- I never completely understood why I was reading this – there is no driving plot tension, no looming epiphanic moment, no sense that Suttree will emerge triumphant. And yet at points I could not put this book down. Suttree actively rejects his previous privileged life, and for the most part destroyed his relationship with all those in his previous life including his children (!), but his ability to form bonds with people not of his same socioeconomic milieu made me keep reading.
- McCarthy pulls no punches – the area he lives in (on a houseboat on the Tennessee River) is degraded environmentally as well as in a million other ways, Suttree is at best a bit of an asshole, racial lines are purely maintained, life is violent and disturbing and with not much to redeem us.
- We get no nostalgia, either – this is 1951, after which we as Americans should be celebrating the end of the war and moving into our golden age, but Suttree rejects all that as well.
- But (of course) what struck me was that this novel was actually funny. I go into reading McCarthy thinking that I will be dragged through the worst of humanity, and while that sort of comes true in this novel it also made me chuckle gently to myself multiple times, with humor that was not directed at the inanities of the characters in the novel.
- The narrative voice is dramatically different from the dialogue, which was my first clue that this wasn’t Tortilla Flat and that it was instead someone who is doing more than simply slumming – he has all-out rejected his family.
- At times Suttree drives me crazy because of his reliance on the kindness of strangers: he recovers from beatings and from typhoid fever without paying a dime, and he has two relationships with women that are troubling at best. Again, McCarthy makes sure that we know that Suttree is no hero.
- The language is so beautiful and imaginative, though, that I found myself repeating phrases and admiring McCarthy’s eloquence, and I also found the contrast between the narrative and the dialogue attention-grabbing.
- We get a clue as to what McCarthy’s doing after we are three-fourths of the way through (Suttree is having a conversation with himself):
Of what would you repent?
I spoke with bitterness about my life and I said that I would take my own part against the slander of oblivion and against the monstrous facelessness of it and that I would stand a stone in that very void where all would read my name.
Of that vanity I recant all. (365)
The vanity of insisting that we are here for something more than just muddling through is the vanity that I think all of McCarthy’s fiction wants to recant from. Can’t say that I’m there yet, but I also feel that if this is the vanity at the heart of all southern gothic fiction (which might be his point) then KRZ is definitely not there.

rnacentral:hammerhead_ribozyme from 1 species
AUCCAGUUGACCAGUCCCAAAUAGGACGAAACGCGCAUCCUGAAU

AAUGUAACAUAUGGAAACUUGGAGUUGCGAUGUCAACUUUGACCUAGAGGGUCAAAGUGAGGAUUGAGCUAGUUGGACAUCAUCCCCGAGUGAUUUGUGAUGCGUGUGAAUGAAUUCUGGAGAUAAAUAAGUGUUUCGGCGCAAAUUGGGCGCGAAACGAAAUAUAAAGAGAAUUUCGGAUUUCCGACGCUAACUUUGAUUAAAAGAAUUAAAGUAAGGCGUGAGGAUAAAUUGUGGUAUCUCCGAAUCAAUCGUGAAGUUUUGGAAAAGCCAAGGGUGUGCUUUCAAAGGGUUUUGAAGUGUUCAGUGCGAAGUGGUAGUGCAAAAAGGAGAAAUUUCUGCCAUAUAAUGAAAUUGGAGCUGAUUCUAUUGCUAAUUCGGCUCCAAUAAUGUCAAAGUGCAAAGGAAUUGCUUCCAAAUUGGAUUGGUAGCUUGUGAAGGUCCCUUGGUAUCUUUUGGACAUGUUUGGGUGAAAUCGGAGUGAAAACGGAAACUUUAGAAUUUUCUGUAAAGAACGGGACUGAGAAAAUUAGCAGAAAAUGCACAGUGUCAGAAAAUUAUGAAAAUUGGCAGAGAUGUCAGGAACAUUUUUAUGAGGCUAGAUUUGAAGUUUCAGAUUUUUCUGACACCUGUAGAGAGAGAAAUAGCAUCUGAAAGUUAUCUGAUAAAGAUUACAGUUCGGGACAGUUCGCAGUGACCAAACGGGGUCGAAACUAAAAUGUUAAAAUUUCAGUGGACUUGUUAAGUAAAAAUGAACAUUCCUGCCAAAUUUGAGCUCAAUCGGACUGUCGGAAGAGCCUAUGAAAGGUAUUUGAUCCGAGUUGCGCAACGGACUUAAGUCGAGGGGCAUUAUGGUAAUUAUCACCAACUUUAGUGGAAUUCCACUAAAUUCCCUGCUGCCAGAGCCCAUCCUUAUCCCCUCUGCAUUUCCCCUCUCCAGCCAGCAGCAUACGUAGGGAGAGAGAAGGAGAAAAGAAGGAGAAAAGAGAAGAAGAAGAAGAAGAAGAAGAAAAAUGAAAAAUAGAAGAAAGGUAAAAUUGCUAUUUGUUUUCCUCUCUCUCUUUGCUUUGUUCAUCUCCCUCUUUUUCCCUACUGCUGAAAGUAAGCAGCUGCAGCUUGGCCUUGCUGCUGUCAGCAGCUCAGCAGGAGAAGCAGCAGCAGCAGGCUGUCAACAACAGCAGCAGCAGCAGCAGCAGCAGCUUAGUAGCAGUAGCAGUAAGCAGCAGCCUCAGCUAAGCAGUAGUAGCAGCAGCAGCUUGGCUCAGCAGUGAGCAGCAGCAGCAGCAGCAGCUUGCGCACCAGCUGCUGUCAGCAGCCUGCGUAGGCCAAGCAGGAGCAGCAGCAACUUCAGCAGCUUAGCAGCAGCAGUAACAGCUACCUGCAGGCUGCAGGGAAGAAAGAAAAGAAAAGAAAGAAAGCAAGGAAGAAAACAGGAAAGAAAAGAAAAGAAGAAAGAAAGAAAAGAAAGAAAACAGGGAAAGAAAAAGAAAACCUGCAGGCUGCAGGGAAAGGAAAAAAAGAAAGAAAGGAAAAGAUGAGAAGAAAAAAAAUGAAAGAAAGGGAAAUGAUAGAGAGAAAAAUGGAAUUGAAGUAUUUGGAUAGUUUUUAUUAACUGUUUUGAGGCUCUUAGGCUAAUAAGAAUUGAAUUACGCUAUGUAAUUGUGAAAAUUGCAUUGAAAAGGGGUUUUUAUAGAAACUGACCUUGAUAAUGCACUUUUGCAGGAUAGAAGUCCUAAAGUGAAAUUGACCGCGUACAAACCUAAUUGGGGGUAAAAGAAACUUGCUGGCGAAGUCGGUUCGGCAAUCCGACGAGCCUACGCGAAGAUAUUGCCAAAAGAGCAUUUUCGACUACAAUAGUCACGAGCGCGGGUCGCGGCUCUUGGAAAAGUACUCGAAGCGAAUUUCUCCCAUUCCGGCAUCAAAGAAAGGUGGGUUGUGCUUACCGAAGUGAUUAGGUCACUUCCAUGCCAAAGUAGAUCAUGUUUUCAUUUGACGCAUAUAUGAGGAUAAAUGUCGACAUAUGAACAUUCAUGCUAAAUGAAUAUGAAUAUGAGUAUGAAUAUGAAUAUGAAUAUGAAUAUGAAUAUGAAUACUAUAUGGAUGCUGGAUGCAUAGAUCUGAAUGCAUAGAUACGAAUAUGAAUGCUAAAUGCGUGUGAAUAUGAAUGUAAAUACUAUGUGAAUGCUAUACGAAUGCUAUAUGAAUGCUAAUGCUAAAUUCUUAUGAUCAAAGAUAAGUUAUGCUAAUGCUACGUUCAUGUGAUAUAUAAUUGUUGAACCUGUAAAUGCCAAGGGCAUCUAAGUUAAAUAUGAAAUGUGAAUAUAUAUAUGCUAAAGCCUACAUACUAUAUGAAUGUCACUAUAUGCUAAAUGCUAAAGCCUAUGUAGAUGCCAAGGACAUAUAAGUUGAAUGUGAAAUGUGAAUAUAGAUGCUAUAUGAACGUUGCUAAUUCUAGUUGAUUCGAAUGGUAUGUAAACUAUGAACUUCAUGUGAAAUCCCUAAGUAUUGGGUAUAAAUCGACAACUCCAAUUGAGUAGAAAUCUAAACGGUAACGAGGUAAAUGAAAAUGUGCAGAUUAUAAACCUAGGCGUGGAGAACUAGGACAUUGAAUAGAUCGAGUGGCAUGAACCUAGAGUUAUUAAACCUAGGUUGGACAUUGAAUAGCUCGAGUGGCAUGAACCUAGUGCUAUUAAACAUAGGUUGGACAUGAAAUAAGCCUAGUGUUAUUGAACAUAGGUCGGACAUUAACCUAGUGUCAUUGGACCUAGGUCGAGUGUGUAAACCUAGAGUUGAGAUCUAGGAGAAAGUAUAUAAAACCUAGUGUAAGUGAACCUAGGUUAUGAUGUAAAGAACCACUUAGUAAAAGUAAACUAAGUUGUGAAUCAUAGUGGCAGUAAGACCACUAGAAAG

- Another passage for your consideration (this is the last paragraph of the novel, one that provides a clue as to the fecundity of the narrative voice:
Somewhere in the gray wood by the river is the huntsman and in the brooming corn in the castellated pres of cities. His work lies all wheres and his hounds tire not. I have seen them in a dream, slaverous and wild and their eyes crazed with ravening for souls in this world. Fly them. (422)
Fly them indeed.
- The only part of this novel that a bit self-serving was Suttree’s embrace at the end (after surviving typhoid fever) of all marginalized groups in Knoxville society, even gay men. He has gone out of his way to seek out criminals, drunks,
and other folks he hasn’t associated with. He then seeks out friends in the black community (and I think the novel applauds itself for moving from a broad use of the n word to not using it at all by the end, a mark of Suttree’s own transition I’m guessing). This feels a bit too much like a working class hero schtick, even if Suttree still remains a bit of a scumbag.
- Suttree does all kinds of wild things in his rejection of his family – he goes on a vision quest in the Smokies (which almost kills him); he falls in love with a bipolar hustler woman (who almost kills him); he goes on long drunks and steals cop cars. Each one points to that recanting, I think.
In The Hundred Thousand Kingdoms, N.K. Jemisin takes up the dismantling of fantasy that Martin (and before him Delaney) and Esslemont and Erikson joyfully participate in, and the result was thought-provoking (and a great read). Thoughts:
- Jemisin incorporates different religious perspectives in this novel. Tolkien messed around with supernatural figures – Gandalf is a Maia or something like that if I remember correctly from the Silmarillion, and Sauron is a pretty direct corollary to Lucifer – but he followed Christian theology pretty closely. Martin has his characters invoke the gods all the time, but we never see their direct action. The MBOTF authors are brave enough to risk the idea of ascension for mortals, and they also pit gods against each other for reasons that appear almost petty.
- Jemisin comes at this from another perspective – what if mortals were able to chain gods and make them fulfill their wishes? Limits on godly powers certainly make for an interesting theology.
- Jemisin blends lots of religious traditions – I see traces of Greeks and Haitian (the god who rides in Yeine’s body like a loa) for a start – in a way that neatly allows this novel (and series) to think of world-building differently than we usually posit it in fantasy.
- Yeine is an interesting character, one who lives in her own head a lot. As a result, we get to live in her head too, and my guess is that Jemisin uses this limited perspective to question the foundations of world building in fantasy.
- More on this as I continue the series, of course…